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The Vision Splendid of D S Senanayake



On 05 October, 2022, The Island carried an article by Dr C. S. Weeraratna with the title “Deteriorating rural economy, and food Security”. On reading this, I was motivated to send a chapter from the biography of D. S. Senanayake by H. A. J. Hulugalle titled ‘The Vision Splendid.’ The book has much more information on Senanayake’s plan for Sri Lanka’s Agricultural development. It deals with Senanayake’s passion for the subject, as well as his in-depth knowledge, acquired over half a century. Even today, one could be inspired by how he approached Food and Agriculture.


birthday falls on the 20th of October


In the book D. S. Senanayake published in 1935, he said: “It is a remarkable fact that we in Ceylon, while repeating in season and out, that ours is an agricultural country and that her prosperity is inextricably bound up with her agricultural progress, should yet be apparently content to pay a bill in a year of depression (1933) of nearly 87 million rupees for the imports of our food and drink”. Twenty years after his death, the cost of imports of ‘food exceed the figure of a thousand million.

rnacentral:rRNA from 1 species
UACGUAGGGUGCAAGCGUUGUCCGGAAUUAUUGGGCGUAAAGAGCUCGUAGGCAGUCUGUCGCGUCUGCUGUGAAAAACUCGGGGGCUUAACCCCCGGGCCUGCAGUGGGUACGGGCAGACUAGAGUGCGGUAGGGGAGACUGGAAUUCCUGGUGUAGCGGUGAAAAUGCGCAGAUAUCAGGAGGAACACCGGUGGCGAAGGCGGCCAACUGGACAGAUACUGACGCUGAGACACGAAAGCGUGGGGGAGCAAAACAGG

Senanayake felt that the decline of food production in Ceylon in modern times was due to the fact that this form of agriculture was despised by the educated and well-to-do. The main burden of food production was borne by the land-starved and debt-ridden peasantry. “It is almost as if”, he wrote, “that some sense of inferiority that is sometimes seen to overwhelm a Ceylonese in the presence of his European brother has also attached itself to the native products. Rice and other grains, eggs, onions, chillies and ginger are humble, though useful, commodities. Fruit has a status only a trifle higher than these. To be engaged in their production is something to be ashamed of”.